In Newtown, Connecticut stands the ruins of a stately psychiatric hospital. The Fairfield Hills State Hospital opened in 1931, with brick Georgian style buildings spread across 770 bucolic acres. In its prime, the campus would have had the architectural feel of an Ivy League campus, but hosting 4,000 patients within. Like a handful of abandoned hospitals in the New York City area like Kings Park and Letchworth Village, Fairfield Hills State Hospital has become accessible to the public since its conversion into the town’s municipal center.
Fairfield Hills State Hospital closed in 1995 and the Town of Newtown purchased the property in 2004. In 2009, the town started converting some of the buildings for administrative use, with additional plans to add recreational and cultural facilities. Today, the Town of Newtown and other organizations occupy a few buildings within the former campus that is now known as the Newtown Municipal Center. Bridgeport Hall, which once contained the food services of Fairfield Hills State Hospital, serves as the offices of the town, including the city’s tax office, the Board of Education, Planning and Zoning departments, and other functions. But some of the largest buildings loom in their abandoned state behind fencing.
Across from Bridgeport Hall is the former Kent House, used for patient treatment and housing. The three-story building with three connected wings was one of the largest in the facility. Along the front facade, behind fencing, are three architectural cupolas now sitting on the ground that once belonged to Shelton House.
In one of the doctors’ houses along Washington Square is home to the Newtown Parent Connection, an organization that supports families dealing with the substance abuse of a loved one. Just behind it is the Newtown Volunteer Ambulance Corps, located in a new building designed in the architectural style of the campus.
Former doctors’ housing
When you enter Newtown Municipal Center from Wasserman Way, the first building you’ll come across is Shelton House, currently unoccupied but was originally an administration building and used for patient care. A curved driveway off the Keating Farms Avenue provides a ceremonial entrance to this building, which was clearly designed with extra care. A stone central facade, seen in no other building, grounds the symmetrical building which from a distance could be mistaken for a great British estate.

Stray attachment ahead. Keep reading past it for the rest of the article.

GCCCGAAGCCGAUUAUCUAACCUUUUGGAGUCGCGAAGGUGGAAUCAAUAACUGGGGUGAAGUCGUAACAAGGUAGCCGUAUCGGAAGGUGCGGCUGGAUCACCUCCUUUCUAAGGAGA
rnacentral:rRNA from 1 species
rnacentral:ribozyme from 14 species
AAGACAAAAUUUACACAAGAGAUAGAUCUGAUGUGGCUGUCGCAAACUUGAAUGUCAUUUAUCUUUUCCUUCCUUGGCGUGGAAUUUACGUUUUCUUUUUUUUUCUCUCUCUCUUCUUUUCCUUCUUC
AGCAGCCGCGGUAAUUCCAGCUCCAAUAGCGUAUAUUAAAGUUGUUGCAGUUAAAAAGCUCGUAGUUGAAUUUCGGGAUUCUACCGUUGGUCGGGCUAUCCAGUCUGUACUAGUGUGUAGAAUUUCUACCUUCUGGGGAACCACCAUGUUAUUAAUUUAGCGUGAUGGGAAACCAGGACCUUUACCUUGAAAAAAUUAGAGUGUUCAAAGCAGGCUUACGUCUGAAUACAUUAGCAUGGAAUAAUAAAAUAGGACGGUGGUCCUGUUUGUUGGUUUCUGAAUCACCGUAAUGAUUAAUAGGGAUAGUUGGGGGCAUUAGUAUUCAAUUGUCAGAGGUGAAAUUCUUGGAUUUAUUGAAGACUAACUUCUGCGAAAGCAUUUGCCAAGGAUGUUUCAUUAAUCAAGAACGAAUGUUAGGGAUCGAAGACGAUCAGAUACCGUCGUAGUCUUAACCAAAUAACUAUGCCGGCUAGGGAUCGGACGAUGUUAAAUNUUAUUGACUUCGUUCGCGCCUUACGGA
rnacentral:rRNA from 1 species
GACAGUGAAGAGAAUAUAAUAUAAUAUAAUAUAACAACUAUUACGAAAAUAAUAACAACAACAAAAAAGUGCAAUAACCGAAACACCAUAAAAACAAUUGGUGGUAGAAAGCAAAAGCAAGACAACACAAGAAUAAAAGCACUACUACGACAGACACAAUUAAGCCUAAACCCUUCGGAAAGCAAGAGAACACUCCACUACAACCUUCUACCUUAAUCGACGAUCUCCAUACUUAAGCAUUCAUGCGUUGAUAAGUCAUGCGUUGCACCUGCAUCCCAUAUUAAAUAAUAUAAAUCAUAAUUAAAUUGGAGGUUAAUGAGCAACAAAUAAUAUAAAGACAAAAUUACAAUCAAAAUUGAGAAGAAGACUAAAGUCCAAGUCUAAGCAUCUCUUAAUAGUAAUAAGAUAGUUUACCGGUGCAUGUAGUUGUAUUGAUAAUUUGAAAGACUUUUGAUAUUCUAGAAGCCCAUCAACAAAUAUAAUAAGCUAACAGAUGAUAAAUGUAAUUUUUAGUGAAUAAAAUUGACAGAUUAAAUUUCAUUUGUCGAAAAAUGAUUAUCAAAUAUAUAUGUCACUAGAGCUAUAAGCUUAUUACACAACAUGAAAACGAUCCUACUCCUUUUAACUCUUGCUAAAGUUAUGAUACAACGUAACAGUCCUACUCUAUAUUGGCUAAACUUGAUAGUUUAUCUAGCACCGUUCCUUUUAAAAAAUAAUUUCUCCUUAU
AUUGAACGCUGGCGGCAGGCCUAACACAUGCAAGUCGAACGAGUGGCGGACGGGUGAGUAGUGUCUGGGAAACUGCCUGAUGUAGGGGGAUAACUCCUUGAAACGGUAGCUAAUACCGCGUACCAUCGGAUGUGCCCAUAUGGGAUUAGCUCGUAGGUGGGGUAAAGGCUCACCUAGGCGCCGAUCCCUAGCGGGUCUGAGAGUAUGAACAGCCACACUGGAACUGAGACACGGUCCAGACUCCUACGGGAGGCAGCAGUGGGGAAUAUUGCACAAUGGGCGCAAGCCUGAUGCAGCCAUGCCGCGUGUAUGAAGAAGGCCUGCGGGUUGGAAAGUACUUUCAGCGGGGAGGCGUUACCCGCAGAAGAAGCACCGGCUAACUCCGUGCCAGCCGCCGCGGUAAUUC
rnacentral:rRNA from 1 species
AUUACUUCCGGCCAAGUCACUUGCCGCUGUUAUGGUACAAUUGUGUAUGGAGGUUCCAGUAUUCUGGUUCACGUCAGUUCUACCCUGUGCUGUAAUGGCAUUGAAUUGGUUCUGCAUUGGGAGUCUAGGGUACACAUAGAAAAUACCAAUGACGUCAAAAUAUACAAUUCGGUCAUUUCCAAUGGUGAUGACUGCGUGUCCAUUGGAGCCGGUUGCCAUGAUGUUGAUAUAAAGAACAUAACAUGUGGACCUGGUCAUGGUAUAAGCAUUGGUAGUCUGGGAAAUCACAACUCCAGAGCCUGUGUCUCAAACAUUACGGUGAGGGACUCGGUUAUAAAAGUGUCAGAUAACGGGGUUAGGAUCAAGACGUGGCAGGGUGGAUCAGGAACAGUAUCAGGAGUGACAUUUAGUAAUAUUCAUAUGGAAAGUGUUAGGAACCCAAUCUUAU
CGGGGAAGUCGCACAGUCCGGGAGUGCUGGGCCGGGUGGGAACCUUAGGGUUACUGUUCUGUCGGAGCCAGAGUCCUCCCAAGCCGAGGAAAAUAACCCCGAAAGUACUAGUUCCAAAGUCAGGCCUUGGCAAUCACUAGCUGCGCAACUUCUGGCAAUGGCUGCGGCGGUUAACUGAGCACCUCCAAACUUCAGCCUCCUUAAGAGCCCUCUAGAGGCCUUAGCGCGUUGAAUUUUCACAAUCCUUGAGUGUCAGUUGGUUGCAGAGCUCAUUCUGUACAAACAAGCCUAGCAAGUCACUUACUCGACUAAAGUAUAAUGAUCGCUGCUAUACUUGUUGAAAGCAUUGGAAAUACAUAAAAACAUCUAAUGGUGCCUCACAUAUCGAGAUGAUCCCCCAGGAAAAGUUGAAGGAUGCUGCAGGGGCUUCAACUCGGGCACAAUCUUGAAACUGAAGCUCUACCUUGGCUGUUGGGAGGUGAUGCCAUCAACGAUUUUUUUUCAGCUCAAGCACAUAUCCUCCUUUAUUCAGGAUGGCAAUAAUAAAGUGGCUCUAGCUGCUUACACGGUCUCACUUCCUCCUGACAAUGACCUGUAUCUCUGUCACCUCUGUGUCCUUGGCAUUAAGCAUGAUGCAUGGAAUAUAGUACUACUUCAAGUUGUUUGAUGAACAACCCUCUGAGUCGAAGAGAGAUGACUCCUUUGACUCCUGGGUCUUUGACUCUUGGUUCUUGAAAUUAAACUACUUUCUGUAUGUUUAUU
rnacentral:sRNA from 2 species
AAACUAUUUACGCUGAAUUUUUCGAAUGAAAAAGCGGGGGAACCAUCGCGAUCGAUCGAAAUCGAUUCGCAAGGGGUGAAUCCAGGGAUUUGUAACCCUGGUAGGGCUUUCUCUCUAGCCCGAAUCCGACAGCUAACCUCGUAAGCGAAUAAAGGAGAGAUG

Rear side of Shelton House
Possibly the creepiest remaining building is Stamford Hall, a building that once served as employee dorms. Its front portico, containing four Corinthian columns topped by a pediment, is in a serious state of decay but its original grandeur is still evident. Nearby on the same side of the road is Stratford Hall, once the library and a cafeteria for a time. And across the road from Stamford Hall is Plymouth Hall, which contained a gym, a chapel, and a bowling alley.
Like many other psychiatric facilities across the country, all the buildings were connected by tunnel. These tunnels made it efficient to transport patients between treatments and laboratories, confinement rooms, operating rooms, and in the unfortunate cases, the morgue. At its peak, the hospital could hold 4,000 patients, but the ratio of patient-to-doctor had always been an issue with the facility. Due to access issues, the tunnels were sealed or destroyed by the town starting in 2009.
Newtown Hall was also an administration building
Deinstitutionalization, a major shift in approach to psychiatric care, began in the 1960s, and led to the widespread closure of many psychiatric institutions like Fairfield Hills State Hospital. After closure in 1995, the property lay vacant for more than a decade, and despite some reuse, many buildings remain untouched since its last residents were moved to other facilities. Walking trails and baseball fields have been newer additions, along with the construction of a few new buildings. The entire property is open to the public, and exploration of the grounds is encouraged, although any vacant buildings are off limits.
Next, check out 10 abandoned hospitals around NYC.